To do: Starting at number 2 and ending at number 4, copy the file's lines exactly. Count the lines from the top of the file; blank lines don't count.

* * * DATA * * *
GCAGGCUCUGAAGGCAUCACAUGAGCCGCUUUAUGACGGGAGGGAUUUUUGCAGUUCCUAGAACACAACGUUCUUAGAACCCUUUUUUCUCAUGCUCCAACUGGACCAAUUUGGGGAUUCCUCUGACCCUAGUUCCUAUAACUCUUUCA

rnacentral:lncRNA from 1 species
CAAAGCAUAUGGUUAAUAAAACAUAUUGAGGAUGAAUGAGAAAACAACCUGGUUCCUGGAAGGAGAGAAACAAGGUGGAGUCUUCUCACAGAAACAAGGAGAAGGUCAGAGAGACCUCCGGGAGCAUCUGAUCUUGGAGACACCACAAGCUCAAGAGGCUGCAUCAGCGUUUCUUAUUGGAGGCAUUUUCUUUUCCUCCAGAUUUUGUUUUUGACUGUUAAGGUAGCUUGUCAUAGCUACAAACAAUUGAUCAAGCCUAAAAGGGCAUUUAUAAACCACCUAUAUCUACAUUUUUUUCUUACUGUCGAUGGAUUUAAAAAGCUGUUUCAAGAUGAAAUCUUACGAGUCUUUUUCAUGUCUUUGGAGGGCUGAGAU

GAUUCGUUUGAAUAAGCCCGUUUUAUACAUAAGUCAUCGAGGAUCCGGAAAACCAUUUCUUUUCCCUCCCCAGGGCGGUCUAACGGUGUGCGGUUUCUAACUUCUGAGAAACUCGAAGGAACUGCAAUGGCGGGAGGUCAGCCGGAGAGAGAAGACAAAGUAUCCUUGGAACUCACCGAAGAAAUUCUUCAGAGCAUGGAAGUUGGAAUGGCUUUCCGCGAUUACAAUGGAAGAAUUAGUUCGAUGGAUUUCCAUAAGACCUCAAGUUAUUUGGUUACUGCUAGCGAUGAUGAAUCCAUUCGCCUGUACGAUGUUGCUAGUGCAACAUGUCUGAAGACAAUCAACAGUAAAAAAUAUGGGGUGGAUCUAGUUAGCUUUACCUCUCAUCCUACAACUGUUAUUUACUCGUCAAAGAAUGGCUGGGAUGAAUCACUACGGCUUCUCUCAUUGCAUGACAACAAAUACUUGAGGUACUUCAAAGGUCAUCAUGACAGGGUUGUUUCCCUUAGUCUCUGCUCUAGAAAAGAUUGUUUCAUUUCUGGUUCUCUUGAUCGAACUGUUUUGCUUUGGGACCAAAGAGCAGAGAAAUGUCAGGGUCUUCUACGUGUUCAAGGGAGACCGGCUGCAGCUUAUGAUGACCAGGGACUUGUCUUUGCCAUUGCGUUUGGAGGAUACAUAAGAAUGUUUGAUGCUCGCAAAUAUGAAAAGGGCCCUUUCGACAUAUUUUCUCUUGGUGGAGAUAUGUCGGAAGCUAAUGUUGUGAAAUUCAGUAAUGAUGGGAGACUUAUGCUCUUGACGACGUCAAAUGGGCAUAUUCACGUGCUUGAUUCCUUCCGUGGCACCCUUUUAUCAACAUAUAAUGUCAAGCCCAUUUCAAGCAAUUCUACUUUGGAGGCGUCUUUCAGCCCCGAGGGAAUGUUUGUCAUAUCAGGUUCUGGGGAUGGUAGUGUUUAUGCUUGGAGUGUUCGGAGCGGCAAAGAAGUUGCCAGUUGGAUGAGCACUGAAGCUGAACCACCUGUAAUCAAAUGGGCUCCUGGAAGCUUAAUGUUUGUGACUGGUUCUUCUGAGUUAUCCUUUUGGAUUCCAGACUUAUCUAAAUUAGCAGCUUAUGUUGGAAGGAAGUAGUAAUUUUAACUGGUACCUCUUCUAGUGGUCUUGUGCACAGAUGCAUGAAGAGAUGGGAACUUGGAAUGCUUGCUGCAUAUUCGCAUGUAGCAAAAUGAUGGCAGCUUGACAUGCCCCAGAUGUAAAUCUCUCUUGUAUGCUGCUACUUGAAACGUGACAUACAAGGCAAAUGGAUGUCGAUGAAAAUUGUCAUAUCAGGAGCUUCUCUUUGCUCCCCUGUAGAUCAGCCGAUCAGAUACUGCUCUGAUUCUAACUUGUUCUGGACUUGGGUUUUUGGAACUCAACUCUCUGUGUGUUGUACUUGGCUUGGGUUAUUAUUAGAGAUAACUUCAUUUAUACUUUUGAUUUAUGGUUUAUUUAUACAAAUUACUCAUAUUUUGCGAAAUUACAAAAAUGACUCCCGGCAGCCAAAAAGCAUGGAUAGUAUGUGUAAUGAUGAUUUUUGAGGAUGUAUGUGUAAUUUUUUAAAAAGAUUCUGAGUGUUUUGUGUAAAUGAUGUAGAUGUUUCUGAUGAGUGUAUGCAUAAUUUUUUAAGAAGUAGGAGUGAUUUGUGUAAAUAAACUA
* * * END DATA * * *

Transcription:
rnacentral:lncRNA from 1 species
CAAAGCAUAUGGUUAAUAAAACAUAUUGAGGAUGAAUGAGAAAACAACCUGGUUCCUGGAAGGAGAGAAACAAGGUGGAGUCUUCUCACAGAAACAAGGAGAAGGUCAGAGAGACCUCCGGGAGCAUCUGAUCUUGGAGACACCACAAGCUCAAGAGGCUGCAUCAGCGUUUCUUAUUGGAGGCAUUUUCUUUUCCUCCAGAUUUUGUUUUUGACUGUUAAGGUAGCUUGUCAUAGCUACAAACAAUUGAUCAAGCCUAAAAGGGCAUUUAUAAACCACCUAUAUCUACAUUUUUUUCUUACUGUCGAUGGAUUUAAAAAGCUGUUUCAAGAUGAAAUCUUACGAGUCUUUUUCAUGUCUUUGGAGGGCUGAGAU

GAUUCGUUUGAAUAAGCCCGUUUUAUACAUAAGUCAUCGAGGAUCCGGAAAACCAUUUCUUUUCCCUCCCCAGGGCGGUCUAACGGUGUGCGGUUUCUAACUUCUGAGAAACUCGAAGGAACUGCAAUGGCGGGAGGUCAGCCGGAGAGAGAAGACAAAGUAUCCUUGGAACUCACCGAAGAAAUUCUUCAGAGCAUGGAAGUUGGAAUGGCUUUCCGCGAUUACAAUGGAAGAAUUAGUUCGAUGGAUUUCCAUAAGACCUCAAGUUAUUUGGUUACUGCUAGCGAUGAUGAAUCCAUUCGCCUGUACGAUGUUGCUAGUGCAACAUGUCUGAAGACAAUCAACAGUAAAAAAUAUGGGGUGGAUCUAGUUAGCUUUACCUCUCAUCCUACAACUGUUAUUUACUCGUCAAAGAAUGGCUGGGAUGAAUCACUACGGCUUCUCUCAUUGCAUGACAACAAAUACUUGAGGUACUUCAAAGGUCAUCAUGACAGGGUUGUUUCCCUUAGUCUCUGCUCUAGAAAAGAUUGUUUCAUUUCUGGUUCUCUUGAUCGAACUGUUUUGCUUUGGGACCAAAGAGCAGAGAAAUGUCAGGGUCUUCUACGUGUUCAAGGGAGACCGGCUGCAGCUUAUGAUGACCAGGGACUUGUCUUUGCCAUUGCGUUUGGAGGAUACAUAAGAAUGUUUGAUGCUCGCAAAUAUGAAAAGGGCCCUUUCGACAUAUUUUCUCUUGGUGGAGAUAUGUCGGAAGCUAAUGUUGUGAAAUUCAGUAAUGAUGGGAGACUUAUGCUCUUGACGACGUCAAAUGGGCAUAUUCACGUGCUUGAUUCCUUCCGUGGCACCCUUUUAUCAACAUAUAAUGUCAAGCCCAUUUCAAGCAAUUCUACUUUGGAGGCGUCUUUCAGCCCCGAGGGAAUGUUUGUCAUAUCAGGUUCUGGGGAUGGUAGUGUUUAUGCUUGGAGUGUUCGGAGCGGCAAAGAAGUUGCCAGUUGGAUGAGCACUGAAGCUGAACCACCUGUAAUCAAAUGGGCUCCUGGAAGCUUAAUGUUUGUGACUGGUUCUUCUGAGUUAUCCUUUUGGAUUCCAGACUUAUCUAAAUUAGCAGCUUAUGUUGGAAGGAAGUAGUAAUUUUAACUGGUACCUCUUCUAGUGGUCUUGUGCACAGAUGCAUGAAGAGAUGGGAACUUGGAAUGCUUGCUGCAUAUUCGCAUGUAGCAAAAUGAUGGCAGCUUGACAUGCCCCAGAUGUAAAUCUCUCUUGUAUGCUGCUACUUGAAACGUGACAUACAAGGCAAAUGGAUGUCGAUGAAAAUUGUCAUAUCAGGAGCUUCUCUUUGCUCCCCUGUAGAUCAGCCGAUCAGAUACUGCUCUGAUUCUAACUUGUUCUGGACUUGGGUUUUUGGAACUCAACUCUCUGUGUGUUGUACUUGGCUUGGGUUAUUAUUAGAGAUAACUUCAUUUAUACUUUUGAUUUAUGGUUUAUUUAUACAAAUUACUCAUAUUUUGCGAAAUUACAAAAAUGACUCCCGGCAGCCAAAAAGCAUGGAUAGUAUGUGUAAUGAUGAUUUUUGAGGAUGUAUGUGUAAUUUUUUAAAAAGAUUCUGAGUGUUUUGUGUAAAUGAUGUAGAUGUUUCUGAUGAGUGUAUGCAUAAUUUUUUAAGAAGUAGGAGUGAUUUGUGUAAAUAAACUA